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Amphibian Survival

Our Commitment

The zoo in the Colombian city of Cali rears and breeds endangered frog species in a protected natural environment that Zurich Zoo helped set up. Eight species, including the rare poison dart frog species, the golden poison frog and Lehmann's poison frog, are being bred at the amphibian centre. The amphibian conservation project also does scientific fieldwork in the Valle del Cauca region and runs information programmes inside and outside Cali zoo. Here at Zurich Zoo, we also rear and breed various amphibian species, mainly poison dart frogs from the rainforests of South America and tomato frogs from Madagascar.

Conservation in Practice

The diversity of amphibians in Colombia is overwhelming. Over 700 species have been documented, in comparison to the 20 species that live in Switzerland. A serious fungal skin infection known as Chytrid fungus is spreading worldwide at a rapid rate. There are currently no options to stop the fatal infection spreading or to treat infected amphibians in the wild, so the preservation of species under human care with the objective of future resettlements has high priority. In association with universities, the zoo records the distribution and status of various amphibian species to establish a basis for introducing future targeted conservation measures.

Challenges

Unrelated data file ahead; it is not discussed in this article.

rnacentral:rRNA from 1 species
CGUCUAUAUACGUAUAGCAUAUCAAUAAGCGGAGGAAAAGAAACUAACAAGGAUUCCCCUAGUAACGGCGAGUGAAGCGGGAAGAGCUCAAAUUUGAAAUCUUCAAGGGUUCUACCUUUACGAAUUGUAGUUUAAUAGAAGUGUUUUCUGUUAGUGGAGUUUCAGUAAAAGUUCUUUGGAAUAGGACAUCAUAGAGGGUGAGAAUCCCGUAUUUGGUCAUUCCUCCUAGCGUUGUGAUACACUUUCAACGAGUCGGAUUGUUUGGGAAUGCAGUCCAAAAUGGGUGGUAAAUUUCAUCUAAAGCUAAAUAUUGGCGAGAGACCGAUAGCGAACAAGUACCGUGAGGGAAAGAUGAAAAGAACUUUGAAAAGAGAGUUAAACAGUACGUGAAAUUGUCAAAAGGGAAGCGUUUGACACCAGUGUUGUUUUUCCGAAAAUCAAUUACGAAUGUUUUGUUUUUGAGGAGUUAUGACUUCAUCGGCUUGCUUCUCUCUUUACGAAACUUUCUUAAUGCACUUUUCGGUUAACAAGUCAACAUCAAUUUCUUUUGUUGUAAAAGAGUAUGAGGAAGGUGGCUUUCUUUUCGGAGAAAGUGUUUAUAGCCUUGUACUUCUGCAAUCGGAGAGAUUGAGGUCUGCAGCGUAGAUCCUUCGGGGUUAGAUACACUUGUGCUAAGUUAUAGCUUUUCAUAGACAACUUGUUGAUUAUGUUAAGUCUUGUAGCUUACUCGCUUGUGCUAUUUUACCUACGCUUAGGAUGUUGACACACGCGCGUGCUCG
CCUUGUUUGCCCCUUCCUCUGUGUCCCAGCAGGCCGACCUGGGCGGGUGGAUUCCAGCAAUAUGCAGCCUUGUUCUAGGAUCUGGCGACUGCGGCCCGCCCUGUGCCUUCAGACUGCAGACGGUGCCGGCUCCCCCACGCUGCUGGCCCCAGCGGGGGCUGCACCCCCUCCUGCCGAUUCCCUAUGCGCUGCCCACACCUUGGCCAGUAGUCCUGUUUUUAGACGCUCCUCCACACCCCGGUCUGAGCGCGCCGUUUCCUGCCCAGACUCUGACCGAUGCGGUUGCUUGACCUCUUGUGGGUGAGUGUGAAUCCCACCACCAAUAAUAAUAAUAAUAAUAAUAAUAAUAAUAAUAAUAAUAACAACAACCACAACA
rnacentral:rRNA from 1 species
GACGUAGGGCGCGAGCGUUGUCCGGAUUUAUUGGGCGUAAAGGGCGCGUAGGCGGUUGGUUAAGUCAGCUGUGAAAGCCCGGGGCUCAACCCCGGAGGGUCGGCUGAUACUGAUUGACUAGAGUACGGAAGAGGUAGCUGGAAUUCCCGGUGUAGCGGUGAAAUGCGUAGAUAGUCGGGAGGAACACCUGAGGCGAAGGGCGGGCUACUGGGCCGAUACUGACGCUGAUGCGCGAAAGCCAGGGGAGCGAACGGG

Amphibians are both terrestrial and aquatic creatures. The best-known representatives are frogs, toads, salamanders and newts. There are almost 7,000 species worldwide. According to the latest studies of the International Union for Conservation of Nature IUCN, about one third of them are threatened with extinction. Many populations are in heavy decline and over 100 species have disappeared forever in the last 25 years. Climate change, the destruction of natural habitats and introduced animal species are endangering and threatening the survival of the remaining species. The spread of the Chytrid fungus, which harms amphibians' skin, makes the outlook even worse, as it is already causing mass deaths and even the extinction of some species.

Dr. German Forero-Medina, WCS Colombia
Dr. German Forero-Medina, Biologist and Scientific Director of the Wildlife Conservation Society (WCS) Columbia, has spent over 15 years researching endangered species in Columbia. He is a member of the high level group on land and water-based tortoises and turtles at the International Union for Conservation of Nature (IUCN).
Carlos Andrés Galvis R., Cali Zoo
Carlos Andrés Galvis R., Biologist and Director of Biology at Cali Zoo, specializes in the conservation of endangered amphibians and reptiles. He coordinates the zoological committee of Acopazoa, the Columbian Association of Zoos and Aquariums, and has published numerous herpetological publications.
Dr. Martin Bauert, Head Curator at Zoo Zürich
Dr. Martin Bauert, Head Curator at Zoo Zürich, is the director of the Zoo Biology department and is in charge of nature conservation projects at Zoo Zürich. He maintains close communication links with those working on the project in Columbia. He is Vice President of the specialist Swiss commission for the interests of the Convention on International Trade in Endangered Species of Wild Fauna and Flora (CITES).